With the start of the enrollment period and the transition to General Community Quarantine (GCQ) and Modified General Community Quarantine (MGCQ), Senator Win Gatchalian emphasized that class opening should be guided by a risk-based approach to address safety and health concerns for students, teachers, parents, and other school personnel to help prevent the spread of COVID-19 in the community.
The Chairman of the Senate Committee on Basic Education, Arts and Culture underscored that even in provinces where there are zero cases of COVID-19 and physical classes might be allowed, minimum health standards such as bans on mass gatherings should be observed.
The Department of Education (DepEd) has clarified that learners will not necessarily attend physical or face-to-face classes when school year 2020-2021 starts. DepEd’s Learning Continuity Plan (LCP) in fact identifies alternative modalities for learning delivery including online learning. For those who have no gadgets or access to the internet, television and radio-based instruction, and the use of printed packets are tapped.
“What we want is for the government to innovate. Kailangang alalahanin natin na layon ng pagpapatuloy ng edukasyon ay ang pag-angat natin sa kinabukasan ng ating mga kabataan, lalo na para sa mga nangangailangang mag-aaral,” said Gatchalian.
For the senator, ensuring the safety of learners need not sacrifice their continued learning and development, warning that prolonged school closures would have long-term adverse consequences.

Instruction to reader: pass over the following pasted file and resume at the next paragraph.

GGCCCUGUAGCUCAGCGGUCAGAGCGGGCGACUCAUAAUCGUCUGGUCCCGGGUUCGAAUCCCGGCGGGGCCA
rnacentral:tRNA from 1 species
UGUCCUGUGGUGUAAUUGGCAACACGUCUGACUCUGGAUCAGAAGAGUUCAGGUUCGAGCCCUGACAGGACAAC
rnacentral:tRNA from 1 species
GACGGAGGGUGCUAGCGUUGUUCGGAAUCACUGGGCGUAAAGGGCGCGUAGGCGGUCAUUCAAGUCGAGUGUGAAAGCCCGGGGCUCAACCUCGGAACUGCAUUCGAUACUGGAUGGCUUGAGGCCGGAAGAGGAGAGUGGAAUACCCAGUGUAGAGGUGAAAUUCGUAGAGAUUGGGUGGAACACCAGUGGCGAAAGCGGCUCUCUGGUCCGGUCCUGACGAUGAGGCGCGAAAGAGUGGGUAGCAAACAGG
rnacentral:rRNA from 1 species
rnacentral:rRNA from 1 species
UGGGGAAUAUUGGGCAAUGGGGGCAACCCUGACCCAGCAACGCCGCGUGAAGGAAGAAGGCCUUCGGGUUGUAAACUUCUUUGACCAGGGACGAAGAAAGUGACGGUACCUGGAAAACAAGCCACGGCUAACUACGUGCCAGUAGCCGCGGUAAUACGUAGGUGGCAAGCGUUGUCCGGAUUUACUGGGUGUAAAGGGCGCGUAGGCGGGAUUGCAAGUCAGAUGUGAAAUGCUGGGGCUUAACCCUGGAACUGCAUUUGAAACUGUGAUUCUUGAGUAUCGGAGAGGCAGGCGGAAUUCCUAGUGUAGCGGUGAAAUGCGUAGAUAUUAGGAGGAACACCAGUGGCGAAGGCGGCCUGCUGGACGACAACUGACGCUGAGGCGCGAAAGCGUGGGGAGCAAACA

He cited findings by a World Bank Report called “The COVID-19 Pandemic: Shocks to Education and Policy Responses,” which revealed that vulnerable and struggling learners are more prone to losing interest in school and dropping out. The same report said that learners who drop out will face lower lifetime productivity and earnings.
The report shared the example of Venezuela where an economic crisis increased out-of-school children and youth by 56 percent between 2015 and 2017. In the United States, the real annual earnings and employment rates of less-educated workers fall more during recessions compared to their more educated counterparts.
Gatchalian also warned that when learners in public schools, especially the disadvantaged ones, are left with nothing to do, they will lag behind their more socially advantaged peers and the learners from private schools.